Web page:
From The Straits Times    |

PHOTO Cathy Yeulet 

Our experts
Clara Tan, founder of Molly Manners Singapore
Joe Lee, life coach

The truth hurts, so adults sometimes lie in order to spare someone’s feelings. Kids, however, haven’t fully grasped the concept of cause and effect.

“Kids speak their minds and seldom have hidden agendas. To really be honest like them, you need to overcome your fear of the consequences of telling the truth, be less selfish and remove your ‘need to win’ mentality,” says Clara Tan, founder of Molly Manners Singapore.

Kids hardly have any emotional baggage or past experiences to skew their view of the world, Clara points out. “Children are more upfront because they do not over- analyse issues – they see things as they are and say so. They don’t feel a need to hide anything as they embody a simple view of the world,” she adds. “Adults can learn how to speak plainly and simply from them, by trusting that doing so will help build more authentic relationships.”

Young kids have no body issues – they don’t care if they’re too pudgy, or not tall enough, or don’t have double eyelids, and so on. And they don’t judge others by how they look, either. Your little ones value a person for who he is on the inside and how he makes them feel when they’re around them.

“Kids are unaffected by societal values and are less exposed to the media, so inner beauty matters more to them than physical beauty. We should adopt the same attitude and also learn to accept ourselves the way we are. Our sense of self-worth shouldn’t be pegged to our outward appearance,” says Clara.

Adults tend to put up a defensive wall when meeting new people for fear of being rejected, says life coach Joe Lee. Kids, on the other hand, have no expectations when it comes to making friends. He says: “They genuinely seek companionship and, knowing that they won’t be rejected, aren’t afraid to approach new people to strike up a friendship.”

Clara adds: “Kids accept one another regardless of language, religion and the colour of their skin. They make friends while bonding over activities and sharing things about their life. Adults too, should have the same courage to be real with others. We can take risks to open ourselves up to other people.”

5 BE HAPPY 24/7
The key is to live in the moment, as children do. “Kids live only in the present. When they play, they really play. When they cry, they really cry. They don’t hold on to the past and they don’t project a future,” says Joe. So stop fretting about what’s yet to happen – you can’t control what you don’t know. Embrace life in the present, like kids do, and you’ll probably feel happier.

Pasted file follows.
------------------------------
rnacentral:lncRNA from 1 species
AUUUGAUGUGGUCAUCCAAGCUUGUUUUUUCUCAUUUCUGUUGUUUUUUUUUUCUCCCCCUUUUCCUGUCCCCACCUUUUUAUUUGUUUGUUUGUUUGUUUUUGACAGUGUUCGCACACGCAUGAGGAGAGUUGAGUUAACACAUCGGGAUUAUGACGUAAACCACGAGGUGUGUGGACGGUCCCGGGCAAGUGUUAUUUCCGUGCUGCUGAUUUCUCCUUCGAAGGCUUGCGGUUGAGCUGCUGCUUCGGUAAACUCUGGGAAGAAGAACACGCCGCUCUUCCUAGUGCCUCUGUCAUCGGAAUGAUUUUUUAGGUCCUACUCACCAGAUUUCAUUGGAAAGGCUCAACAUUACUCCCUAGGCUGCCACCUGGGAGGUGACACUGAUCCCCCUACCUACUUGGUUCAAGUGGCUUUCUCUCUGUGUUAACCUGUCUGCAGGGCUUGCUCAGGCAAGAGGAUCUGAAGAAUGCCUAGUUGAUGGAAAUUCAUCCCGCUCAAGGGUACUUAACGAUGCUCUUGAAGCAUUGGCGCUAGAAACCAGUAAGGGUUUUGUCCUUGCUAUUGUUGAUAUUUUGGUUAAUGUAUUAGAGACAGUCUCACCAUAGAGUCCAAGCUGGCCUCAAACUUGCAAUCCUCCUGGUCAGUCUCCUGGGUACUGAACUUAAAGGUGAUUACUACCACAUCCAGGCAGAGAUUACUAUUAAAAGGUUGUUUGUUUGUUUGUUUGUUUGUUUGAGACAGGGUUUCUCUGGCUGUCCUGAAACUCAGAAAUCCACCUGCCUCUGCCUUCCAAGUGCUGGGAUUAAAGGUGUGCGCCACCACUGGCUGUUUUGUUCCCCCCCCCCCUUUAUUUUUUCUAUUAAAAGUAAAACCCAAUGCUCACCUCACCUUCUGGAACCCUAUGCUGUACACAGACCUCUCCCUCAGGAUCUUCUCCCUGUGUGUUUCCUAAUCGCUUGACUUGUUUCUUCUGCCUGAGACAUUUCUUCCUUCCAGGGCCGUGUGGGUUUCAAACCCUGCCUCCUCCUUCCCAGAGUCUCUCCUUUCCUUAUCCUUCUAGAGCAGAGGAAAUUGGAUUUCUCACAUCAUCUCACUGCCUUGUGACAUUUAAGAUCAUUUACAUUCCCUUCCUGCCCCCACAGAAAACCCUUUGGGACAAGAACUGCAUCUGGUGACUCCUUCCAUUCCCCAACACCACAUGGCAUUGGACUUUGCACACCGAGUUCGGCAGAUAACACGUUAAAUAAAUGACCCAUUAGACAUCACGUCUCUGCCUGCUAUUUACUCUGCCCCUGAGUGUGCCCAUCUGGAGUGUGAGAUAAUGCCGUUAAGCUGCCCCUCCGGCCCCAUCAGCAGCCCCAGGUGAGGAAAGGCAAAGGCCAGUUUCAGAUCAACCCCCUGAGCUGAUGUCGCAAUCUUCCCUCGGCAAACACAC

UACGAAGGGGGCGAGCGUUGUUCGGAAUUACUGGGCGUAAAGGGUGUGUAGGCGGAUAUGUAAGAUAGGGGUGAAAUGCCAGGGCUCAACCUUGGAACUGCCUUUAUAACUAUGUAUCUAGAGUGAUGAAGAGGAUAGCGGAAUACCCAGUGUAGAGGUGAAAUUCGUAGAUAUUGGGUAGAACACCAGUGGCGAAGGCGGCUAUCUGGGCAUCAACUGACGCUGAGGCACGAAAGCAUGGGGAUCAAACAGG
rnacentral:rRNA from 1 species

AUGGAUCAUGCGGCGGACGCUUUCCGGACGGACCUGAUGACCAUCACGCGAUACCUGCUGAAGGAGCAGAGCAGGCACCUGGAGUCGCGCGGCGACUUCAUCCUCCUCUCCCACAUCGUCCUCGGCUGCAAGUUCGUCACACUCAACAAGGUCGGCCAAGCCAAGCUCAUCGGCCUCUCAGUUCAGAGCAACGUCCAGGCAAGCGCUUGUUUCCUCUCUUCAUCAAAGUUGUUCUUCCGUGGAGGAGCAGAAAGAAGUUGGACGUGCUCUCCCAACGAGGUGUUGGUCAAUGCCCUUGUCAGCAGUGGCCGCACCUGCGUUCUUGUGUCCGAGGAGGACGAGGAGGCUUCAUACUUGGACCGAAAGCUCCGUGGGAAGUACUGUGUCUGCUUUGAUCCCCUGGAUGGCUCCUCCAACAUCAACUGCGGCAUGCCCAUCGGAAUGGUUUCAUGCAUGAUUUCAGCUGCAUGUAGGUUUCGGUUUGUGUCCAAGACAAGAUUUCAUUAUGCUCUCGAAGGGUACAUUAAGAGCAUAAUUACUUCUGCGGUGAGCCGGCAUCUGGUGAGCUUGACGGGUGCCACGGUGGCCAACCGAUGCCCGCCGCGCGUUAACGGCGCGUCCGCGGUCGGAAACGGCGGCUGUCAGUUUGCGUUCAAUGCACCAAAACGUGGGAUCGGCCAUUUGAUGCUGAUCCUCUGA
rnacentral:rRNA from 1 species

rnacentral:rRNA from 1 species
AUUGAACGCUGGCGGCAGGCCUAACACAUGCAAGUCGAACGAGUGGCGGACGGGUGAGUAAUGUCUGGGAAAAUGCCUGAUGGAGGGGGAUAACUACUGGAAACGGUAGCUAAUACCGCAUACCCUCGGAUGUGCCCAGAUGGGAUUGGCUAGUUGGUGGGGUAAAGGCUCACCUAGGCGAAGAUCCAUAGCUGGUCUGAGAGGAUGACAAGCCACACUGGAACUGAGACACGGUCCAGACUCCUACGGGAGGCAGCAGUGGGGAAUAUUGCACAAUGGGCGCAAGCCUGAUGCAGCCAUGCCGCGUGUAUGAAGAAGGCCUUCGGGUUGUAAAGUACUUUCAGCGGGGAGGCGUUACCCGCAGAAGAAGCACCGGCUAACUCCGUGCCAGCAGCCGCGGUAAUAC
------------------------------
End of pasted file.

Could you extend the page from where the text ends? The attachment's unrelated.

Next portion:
Clara agrees: “Children are generally optimistic – they forgive and forget easily. So live in the moment and let go of your grudges – you’ll be merrier that way.”

Joe also suggests adopting the 80/20 rule. “Make sure that you enjoy life 20 per cent of the time, even if 80 per cent of the time you’re working or being serious. You’ll eventually realise that your worries are unnecessary.”

It constantly surprises adults how children can move from fighting over a toy one moment to being friends again the next. Once the issue is settled, they don’t dwell on it. “Children don’t put too much meaning into events. A spade is a spade to them,” explains Clara. “On the other hand, adults tend to develop biased viewpoints due to painful experiences. We need to accept life the way it is and not get too emotionally or mentally attached to a life event.” So, see the big picture in everything you do.

Little ones believe they have a right to say no and have no qualms about turning a request down. As adults, we need to stay true to what we want, too, says Clara. “We must value our time and speak up. Saying no will be easier this way.”

Joe feels that the key to saying no without guilt is to stop caring about how the other person may take your rejection. “When you don’t feel like agreeing to a request or if you feel that helping someone may drag you down, just say no – no explanations needed.”

If it’s really difficult for you to deny someone, Joe suggests you practise saying no three times a day, in front of a mirror, to get used to saying it. “Very soon, you’ll be comfortable doing it,” he adds.

Children are always eager to explore and learn new things. Adults, however, prefer to stay within their comfort zones. Clara says this needs to change if we want to live life to the fullest.

“Kids have a sense of wonder and an urge to discover for themselves what the world has to offer. But we adults give up our spirit of adventure and risk-taking in exchange for a predictable routine because of our ‘jadedness’ and need to keep safe. We should consider our many experiences as a barometer for a life well lived,” she says.

Kisses, hugs, screams of affection – kids don’t shy away from showing how much they love and adore someone. But as they grow older, those emotions are held back, and sometimes are not expressed at all.

How can adults be more open to showing those feelings, instead of keeping a poker face or building a wall around themselves?

Joe suggests removing “any expectation of an outcome”.
He says: “Children don’t hold grudges – they don’t remember what you’ve done to them. Scold them now but 10 minutes later, they’ll still hug and kiss you, because they’re not concerned about the outcome of what just happened. All they want to do is to express their feelings towards you. So adults should be like them. Be open to showing your feelings to others regardless of whether they reciprocate.”

This article was originally published in Simply Her May 2014.